- Mount Echo
Migrant Workers 2022 World Cup
The FIFA World Cup in 2022 will be hosted by the oil-rich nation of Qatar. They won the bid to host the tournament in 2010 and have since undertaken a massive building project to construct stadiums to hold the matches for the tournament. Like many other countries in the region, Qatar has undertaken the “Kafala” system of work sponsorship for migrant workers from countries like Pakistan and Bangladesh. The Kafala system promotes abysmal treatment of migrant workers through low-paying wages (or lack thereof), restrictions in movement of workers and horrible conditions of labor camps where most of these migrant workers live. At the heart of the Kafala system is the right of the employer to hold a worker’s visa or passport. This in turn causes a lack of movement for workers to return to their home country.
The International Break, where players from club soccer teams go back to their home country to play for their national team, happened between March 24 and 30. Within that time, many European national teams such as Germany, the Netherlands and Norway have all demonstrated against the abhorrent conditions of workers in Qatar. A triggering factor has been the February report in the British newspaper The Guardian that over 6,500 migrant workers have died building stadiums for the World Cup in 2022. This sparked outrage all over the world and the problems with the Qatari government’s use of the Kafala system and the treatment of workers resurfaced.
The Norwegian national team were first to send a message about the treatment of workers in Qatar by wearing shirts in the pre-match warm up against Gibraltar, reading “Human Rights, On and Off the Pitch.” In their game against Latvia, the Dutch national team wore shirts in their warm-up saying, “Football Supports Change.” The German national team in their pre-match line up wore shirts that spelled out “Human Rights.”
It was suspected that the English national team were also going to demonstrate in solidarity with workers in Qatar. Instead, Gareth Southgate, manager of the English national team said that, “The FA [Football Association] are working closely with Amnesty International and will be talking with Qatar as well.” He also talked about how he thinks that Amnesty International don’t want to get the games moved, but to work with the Qatari government to better insure workers rights.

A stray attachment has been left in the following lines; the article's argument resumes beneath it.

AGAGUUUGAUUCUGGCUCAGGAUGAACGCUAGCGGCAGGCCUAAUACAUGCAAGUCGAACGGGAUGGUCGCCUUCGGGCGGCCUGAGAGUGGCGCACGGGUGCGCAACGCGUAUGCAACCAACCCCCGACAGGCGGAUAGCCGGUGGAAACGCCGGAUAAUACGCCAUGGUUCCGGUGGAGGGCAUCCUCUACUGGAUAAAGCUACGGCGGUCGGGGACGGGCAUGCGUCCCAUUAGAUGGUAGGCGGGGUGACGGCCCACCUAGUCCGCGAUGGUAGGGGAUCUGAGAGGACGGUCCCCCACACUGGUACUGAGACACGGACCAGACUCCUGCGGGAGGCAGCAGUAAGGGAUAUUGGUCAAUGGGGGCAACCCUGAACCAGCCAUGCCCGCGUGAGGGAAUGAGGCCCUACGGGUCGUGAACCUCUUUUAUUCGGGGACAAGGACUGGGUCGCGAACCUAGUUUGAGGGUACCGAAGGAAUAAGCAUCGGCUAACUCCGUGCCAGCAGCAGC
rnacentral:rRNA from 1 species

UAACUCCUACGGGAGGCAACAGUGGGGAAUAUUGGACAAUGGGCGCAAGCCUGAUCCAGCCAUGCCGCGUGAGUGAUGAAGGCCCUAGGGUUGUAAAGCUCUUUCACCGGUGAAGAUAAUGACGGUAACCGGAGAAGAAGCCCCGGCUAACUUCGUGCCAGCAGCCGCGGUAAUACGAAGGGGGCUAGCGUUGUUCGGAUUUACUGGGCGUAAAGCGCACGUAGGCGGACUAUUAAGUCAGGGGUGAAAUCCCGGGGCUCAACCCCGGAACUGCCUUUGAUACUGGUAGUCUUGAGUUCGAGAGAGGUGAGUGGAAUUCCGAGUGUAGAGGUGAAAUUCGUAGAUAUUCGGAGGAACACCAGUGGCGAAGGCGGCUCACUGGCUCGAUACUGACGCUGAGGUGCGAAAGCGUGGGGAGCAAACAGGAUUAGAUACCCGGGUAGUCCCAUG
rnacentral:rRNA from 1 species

There is some resistance within the international scene regarding whether to even have the World Cup in Qatar. Toni Kroos, a German international team player said on the Einfach Mal Luppen podcast that, “I don’t agree with awarding the World Cup to Qatar and there are plenty of reasons why. Migrant workers work non-stop, sometimes in 50-degree heat [122 degrees Fahrenheit].” He also added that “some [migrant workers] don’t have enough food or water, which is insane,” and that “homosexuality is still considered a criminal offense in Qatar and is prosecuted.” Kroos ended his interview saying “Can a boycott really bring change? I don’t think so, but football, with its global reach, could maybe draw attention to these problems.”
However, with an estimated 6,500 migrant workers dead for the sake of building stadiums for this event, some think it is too late for a boycott. Joshua Kimmich, another German international said, “I think we are ten years too late to boycott the World Cup. It was not allocated this year, but a couple of years ago. One should have thought about boycotting back then.”